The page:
ATC Code: C02KX (incomplete)
On October 13th the FDA approved Macitentan (trade name Opsumit ®) for the treatment of pulmonary arterial hypertension (PAH). Macitentan is an endothelin receptor antagonist (with affinities to both Endothelin ET-A (ETA) and Endothelin ET-B (ETB) receptor subtypes, similar in mechanism of action to the previously licensed drug Bosentan, CHEMBLID957).
The Endothelin receptor ET-A (ETA, CHEMBLID252 ; Uniprot P25101) and Endothelin receptor ET-B (ETB, CHEMBLID1785 ; Uniprot P24530) receptors mediate a number of physiological effects via the natural peptide agonist Endothelin-1 (ET1 , CHEMBL437472 ; Uniprot P05305). In addition to normal roles in supporting homeostasis, these effects can include pathologies such as inflammation, vasoconstriction, fibrosis and hypertrophy.
Macitentan acts as an antagonist for both receptors with both a high affinity and long residence time in human pulmonary arterial smooth muscle cells. Hence it counteracts vasoconstriction and relieves hypertension. One of the metabolites of Macitentan is also pharmacologically active at the ET receptors and is estimated to be about 20% as potent as the parent drug in vitro
Macitentan (CHEMBL2103873 ; Pubchem : 16004692 ) is a small molecule drug with a molecular weight of 588.3 Da, an AlogP of 3.67, 11 rotatable bonds, and 1 rule of 5 violation.
Canonical SMILES : CCCNS(=O)(=O)Nc1ncnc(OCCOc2ncc(Br)cn2)c1c3ccc(Br)cc3InChi: InChI=1S/C19H20Br2N6O4S/c1-2-7-26-32(28,29)27-17-16(13-3-5-14(20)6-4-13)18(25-12-24-17)30-8-9-31-19-22-10-15(21)11-23-19/h3-6,10-12,26H,2,7-9H2,1H3,(H,24,25,27)
Dosage10 mg once daily. Doses higher than 10 mg once daily have not been studied in patients with PAH and are not recommended.
Metabolism and Elimination
Following oral administration, the apparent elimination half-lives of macitentan and its active metabolite are approximately 16 hours and 48 hours, respectively. Macitentan is metabolized primarily by oxidative depropylation of the sulfamide to form the pharmacologically active metabolite. This reaction is dependent on the cytochrome P450 (CYP) system, mainly CYP3A4 with a minor contribution of CYP2C19. It is interesting to note the presence of bromine atoms in two of the aryl rings, typically a lighter halogen, typically fluorine is used to block oxidative P450-mediated metabolism at these exposed aromatic positions.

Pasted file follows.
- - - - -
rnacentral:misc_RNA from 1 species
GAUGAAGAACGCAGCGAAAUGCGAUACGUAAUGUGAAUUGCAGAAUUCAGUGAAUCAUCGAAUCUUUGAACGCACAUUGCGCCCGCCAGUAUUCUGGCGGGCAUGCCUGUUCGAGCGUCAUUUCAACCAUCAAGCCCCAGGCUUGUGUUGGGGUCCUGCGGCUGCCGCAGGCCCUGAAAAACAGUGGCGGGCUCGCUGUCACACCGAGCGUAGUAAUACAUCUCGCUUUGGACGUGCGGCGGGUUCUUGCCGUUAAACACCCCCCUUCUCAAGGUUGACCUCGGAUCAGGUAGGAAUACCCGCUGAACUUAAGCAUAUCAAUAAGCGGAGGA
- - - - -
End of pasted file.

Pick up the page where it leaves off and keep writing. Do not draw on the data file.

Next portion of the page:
At steady state in PAH patients, the systemic exposure to the active metabolite is 3-times the exposure to macitentan and is expected to contribute approximately 40% of the total pharmacologic activity. In a study in healthy subjects with radiolabeled macitentan, approximately 50% of radioactive drug material was eliminated in urine but none was in the form of unchanged drug or the active metabolite. About 24% of the radioactive drug material was recovered from feces.
Macitentan may cause fetal harm when administered to a pregnant woman. Macitentan is contraindicated in females who are pregnant.
Other ERAs have caused elevations of aminotransferases, hepatotoxicity, and liver failure. Obtain liver enzyme tests prior to initiation of Macitentan and repeat during treatment as clinically indicated.
Decreases in hemoglobin concentration and hematocrit have occurred following administration
of other ERAs and were observed in clinical studies with Macitentan. These decreases occurred
early and stabilized thereafter Initiation of Macitentan is not recommended in patients with severe anemia. Measure hemoglobin prior to initiation of treatment and repeat during treatment as clinically indicated.
Strong CYP3A4 Inducers / Inhibitors
Strong inducers of CYP3A4 such as rifampin significantly reduce macitentan exposure whereas concomitant use of strong CYP3A4 inhibitors like ketoconazole approximately double macitentan exposure. Many HIV drugs like ritonavir (CHEMBL163) are strong inhibitors of CYP3A4.
The license holder is Actelion Pharmaceuticals US the full prescribing information can be found here.